I have been attending Jerusalem Pride Marches for two decades. For years, as director of the Jerusalem Open House for Pride and Tolerance and the Reform Movement’s Israel Religious Action Center, my work was directly involved in the fight for LGBTQ+ rights. It was my issue. And the Jerusalem Pride march was a peak of my professional involvement. This year, on the 20th Pride march, was the first time that I marched — alongside thousands of others — purely as a participant. I did not organize a thing. I went with my parents and my daughters. My daughters recognized every flag and enjoyed every performance. And I got to witness the beauty and power of our community.
I thought about how, on the one hand, our community faces terrible incitement and violence every time we are visible in the public sphere, every time we demand equality, and, on the other hand, the progress we’ve made is miraculous.
For example, when the Jerusalem Open House was first opened, a TV anchor — for a progressive channel that sadly no longer exists — came to cover our opening day, taking footage of our speeches, the space, and all manner of things. But the way he opened the segment still makes me laugh: “We think that there are as many as 400 gays and lesbians in Jerusalem!” This, my friends, was just 25 years ago. Not 200 years ago.
And now, 25 years later, thousands of young people around the country are able to explore their gender identity and sexuality thanks to investment by the Israeli government in LGBTQ organizations like Iggy and Choshen. After years of advocacy, the Supreme Court has legalized same-sex parents to have children via surrogacy in Israel. There is even a comprehensive government plan for LGBTQ Israelis that includes funding for senior care.
I often feel that LGBTQ rights are the Nes HaGalui (revealed miracle) of Israeli society. We fought for recognition — and we mostly won! We have a thriving, diverse community with multiple organizations supporting all of us.
But that rosy picture is only part of the truth. There are so many LGBTQ Israelis who still feel threatened — and what’s more, so many other marginalized communities that need help to gain a foothold in Israeli society.
This year, for example, organizers of a Pride March in Netivot had to call it off after they received bullets in the mail. Police there prohibited activists from staging a protest in support of LGBTQ rights. And people are still being killed just for their gender and sexuality. Three LGBTQ teens have been murdered in recent years in two incidents — at a club in Tel Aviv and at Pride in Jerusalem.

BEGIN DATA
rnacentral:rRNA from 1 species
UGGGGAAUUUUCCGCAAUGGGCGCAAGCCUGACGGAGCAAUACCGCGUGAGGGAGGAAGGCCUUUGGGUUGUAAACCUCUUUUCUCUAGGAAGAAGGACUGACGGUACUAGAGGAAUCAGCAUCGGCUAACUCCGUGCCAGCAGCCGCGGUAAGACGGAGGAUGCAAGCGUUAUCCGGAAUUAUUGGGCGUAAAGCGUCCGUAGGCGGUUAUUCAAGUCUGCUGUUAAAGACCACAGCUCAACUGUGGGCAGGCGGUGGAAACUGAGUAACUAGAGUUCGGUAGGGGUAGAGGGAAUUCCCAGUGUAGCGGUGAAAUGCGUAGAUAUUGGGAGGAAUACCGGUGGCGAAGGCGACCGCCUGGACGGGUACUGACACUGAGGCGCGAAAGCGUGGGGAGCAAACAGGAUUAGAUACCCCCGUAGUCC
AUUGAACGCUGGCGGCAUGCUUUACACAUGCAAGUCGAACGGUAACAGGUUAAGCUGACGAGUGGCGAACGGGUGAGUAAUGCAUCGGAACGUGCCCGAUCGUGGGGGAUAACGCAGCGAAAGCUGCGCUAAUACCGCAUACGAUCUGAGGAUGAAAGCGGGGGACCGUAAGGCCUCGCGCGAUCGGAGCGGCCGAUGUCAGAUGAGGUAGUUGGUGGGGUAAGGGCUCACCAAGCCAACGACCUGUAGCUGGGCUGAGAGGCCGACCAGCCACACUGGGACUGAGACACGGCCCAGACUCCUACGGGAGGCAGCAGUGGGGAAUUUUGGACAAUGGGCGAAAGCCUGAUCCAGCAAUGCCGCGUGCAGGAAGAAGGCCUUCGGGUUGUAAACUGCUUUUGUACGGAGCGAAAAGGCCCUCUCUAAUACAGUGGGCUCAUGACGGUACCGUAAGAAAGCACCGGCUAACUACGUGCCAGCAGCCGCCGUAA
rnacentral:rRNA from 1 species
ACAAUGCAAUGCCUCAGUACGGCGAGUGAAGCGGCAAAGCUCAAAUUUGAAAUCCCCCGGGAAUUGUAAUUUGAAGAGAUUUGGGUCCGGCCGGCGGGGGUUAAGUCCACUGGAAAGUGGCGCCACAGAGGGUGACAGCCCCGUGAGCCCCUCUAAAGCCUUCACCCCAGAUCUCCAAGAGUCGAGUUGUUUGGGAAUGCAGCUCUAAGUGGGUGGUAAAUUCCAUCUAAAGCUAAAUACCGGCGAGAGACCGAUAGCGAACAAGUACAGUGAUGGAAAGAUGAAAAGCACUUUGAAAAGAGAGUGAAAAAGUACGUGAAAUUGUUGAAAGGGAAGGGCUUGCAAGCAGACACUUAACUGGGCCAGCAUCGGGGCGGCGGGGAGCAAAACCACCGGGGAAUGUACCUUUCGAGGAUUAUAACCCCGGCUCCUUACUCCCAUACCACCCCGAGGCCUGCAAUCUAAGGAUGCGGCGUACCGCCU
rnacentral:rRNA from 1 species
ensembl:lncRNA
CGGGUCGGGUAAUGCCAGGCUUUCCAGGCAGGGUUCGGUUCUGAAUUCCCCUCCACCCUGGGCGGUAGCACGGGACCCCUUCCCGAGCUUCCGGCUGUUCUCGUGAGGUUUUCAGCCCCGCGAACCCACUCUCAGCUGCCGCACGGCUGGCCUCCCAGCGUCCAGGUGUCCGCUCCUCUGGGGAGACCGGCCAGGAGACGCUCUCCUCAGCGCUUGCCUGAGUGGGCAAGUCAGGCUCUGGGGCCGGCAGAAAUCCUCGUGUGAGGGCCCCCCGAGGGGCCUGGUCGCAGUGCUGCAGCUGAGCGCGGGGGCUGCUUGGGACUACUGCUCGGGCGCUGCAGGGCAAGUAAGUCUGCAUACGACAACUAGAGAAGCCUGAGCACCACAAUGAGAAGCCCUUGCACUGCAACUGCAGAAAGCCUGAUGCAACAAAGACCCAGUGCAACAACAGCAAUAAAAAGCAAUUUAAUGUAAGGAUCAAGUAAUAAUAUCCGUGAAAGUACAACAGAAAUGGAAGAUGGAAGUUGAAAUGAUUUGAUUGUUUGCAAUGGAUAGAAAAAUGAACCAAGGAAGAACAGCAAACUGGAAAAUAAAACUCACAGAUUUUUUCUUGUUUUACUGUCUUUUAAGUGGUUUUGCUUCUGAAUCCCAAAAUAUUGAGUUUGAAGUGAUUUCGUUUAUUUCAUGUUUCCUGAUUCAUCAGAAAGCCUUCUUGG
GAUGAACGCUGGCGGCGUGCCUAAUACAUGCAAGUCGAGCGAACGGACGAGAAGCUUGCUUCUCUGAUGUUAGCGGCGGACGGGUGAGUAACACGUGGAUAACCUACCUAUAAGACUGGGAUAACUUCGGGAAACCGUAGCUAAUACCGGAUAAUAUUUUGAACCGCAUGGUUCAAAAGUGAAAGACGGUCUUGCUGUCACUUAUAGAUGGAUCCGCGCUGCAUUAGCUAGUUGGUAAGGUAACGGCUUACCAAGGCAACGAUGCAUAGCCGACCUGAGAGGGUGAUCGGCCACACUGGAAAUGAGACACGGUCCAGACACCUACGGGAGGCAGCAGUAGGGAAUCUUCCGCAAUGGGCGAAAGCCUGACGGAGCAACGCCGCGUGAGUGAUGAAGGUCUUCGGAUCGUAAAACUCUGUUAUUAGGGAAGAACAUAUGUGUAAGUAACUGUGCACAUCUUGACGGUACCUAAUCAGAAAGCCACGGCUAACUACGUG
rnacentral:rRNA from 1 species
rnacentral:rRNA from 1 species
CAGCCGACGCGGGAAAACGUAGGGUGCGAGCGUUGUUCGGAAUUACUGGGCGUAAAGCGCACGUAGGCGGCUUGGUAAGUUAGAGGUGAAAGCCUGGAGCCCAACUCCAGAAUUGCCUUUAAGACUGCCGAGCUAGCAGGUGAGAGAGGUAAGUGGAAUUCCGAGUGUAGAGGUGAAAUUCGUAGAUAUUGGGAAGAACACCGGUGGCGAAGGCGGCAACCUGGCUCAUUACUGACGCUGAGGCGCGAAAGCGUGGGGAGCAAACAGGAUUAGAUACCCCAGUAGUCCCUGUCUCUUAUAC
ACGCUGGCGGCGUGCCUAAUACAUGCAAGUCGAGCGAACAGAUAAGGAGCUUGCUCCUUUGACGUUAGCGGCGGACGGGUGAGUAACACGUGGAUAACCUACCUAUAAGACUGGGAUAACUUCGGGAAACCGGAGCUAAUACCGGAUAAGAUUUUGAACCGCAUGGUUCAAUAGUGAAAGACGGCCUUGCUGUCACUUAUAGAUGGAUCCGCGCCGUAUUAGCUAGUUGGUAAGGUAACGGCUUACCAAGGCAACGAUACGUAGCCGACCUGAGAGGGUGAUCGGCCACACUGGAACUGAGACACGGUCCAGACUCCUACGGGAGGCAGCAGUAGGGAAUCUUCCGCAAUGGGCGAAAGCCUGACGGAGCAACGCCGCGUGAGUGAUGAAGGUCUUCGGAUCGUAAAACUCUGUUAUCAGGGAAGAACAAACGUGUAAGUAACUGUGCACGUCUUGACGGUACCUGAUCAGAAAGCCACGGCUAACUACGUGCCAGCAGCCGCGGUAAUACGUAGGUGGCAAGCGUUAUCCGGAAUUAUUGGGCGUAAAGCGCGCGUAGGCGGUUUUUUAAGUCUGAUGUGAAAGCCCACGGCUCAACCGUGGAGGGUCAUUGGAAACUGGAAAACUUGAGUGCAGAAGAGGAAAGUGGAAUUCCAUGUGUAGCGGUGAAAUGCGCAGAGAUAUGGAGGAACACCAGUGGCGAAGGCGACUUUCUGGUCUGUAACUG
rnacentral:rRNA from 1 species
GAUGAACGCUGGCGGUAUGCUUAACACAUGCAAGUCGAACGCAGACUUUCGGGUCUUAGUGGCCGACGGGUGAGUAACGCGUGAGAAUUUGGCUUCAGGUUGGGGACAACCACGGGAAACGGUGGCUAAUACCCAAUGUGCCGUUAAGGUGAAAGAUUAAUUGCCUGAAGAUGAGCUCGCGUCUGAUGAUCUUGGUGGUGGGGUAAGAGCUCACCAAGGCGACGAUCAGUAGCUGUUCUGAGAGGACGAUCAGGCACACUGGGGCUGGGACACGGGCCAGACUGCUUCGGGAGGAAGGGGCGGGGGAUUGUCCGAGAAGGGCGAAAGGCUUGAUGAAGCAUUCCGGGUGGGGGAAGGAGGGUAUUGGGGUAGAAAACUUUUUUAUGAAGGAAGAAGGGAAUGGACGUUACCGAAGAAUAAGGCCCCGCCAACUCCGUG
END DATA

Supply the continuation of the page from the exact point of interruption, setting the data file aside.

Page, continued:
And to be honest, back when we started the Jerusalem Pride March, we saw it as a much wider struggle. We assumed that if we increased tolerance and equality for LGBTQ people, the same would come for Palestinians. After all, if our society was willing to accept us, wouldn’t it make it easier for fellow “othered” communities?
We were wrong. While Jerusalem changed entirely for LGBTQ people, for Palestinians, discrimination, violence, and denial of fundamental rights have only increased.
The failure of the LGBTQ rights victories to impact other struggles — specifically the Palestinian struggle — has forced me to understand something fundamental: We need to take our commitment to democracy and equality beyond this single issue and develop a comprehensive approach to human rights so that when we fight for equality, we fight for everyone.
That’s at the core of my work today as the Executive Director of the Association for Civil Rights in Israel (ACRI). Human rights means human rights for everyone: for LGBTQ people, for Palestinians, for prisoners, for asylum seekers, for Mizrahi Israelis, for everyone who has been denied rights by the government. We look at human rights in the big picture, because that’s the only way we can legitimately fight for equality and justice for all.
That’s why ACRI is advancing, on the one hand, a groundbreaking project for trans rights and, at the same time, defending Palestinians’ right to protest, advocating for the rights of incarcerated people, and fighting for socioeconomic justice.
We’ve learned that a healthy movement for justice is a holistic one — one that sees each struggle as intersecting, intertwined, and interdependent. We recognize that the only path to liberation is through being in solidarity and struggling alongside each other. ACRI, in partnership with the New Israel Fund is committed to seeing the big picture — the entire spectrum of human rights — and developing a movement that advances LGBTQ rights alongside the rights of all marginalized and oppressed peoples.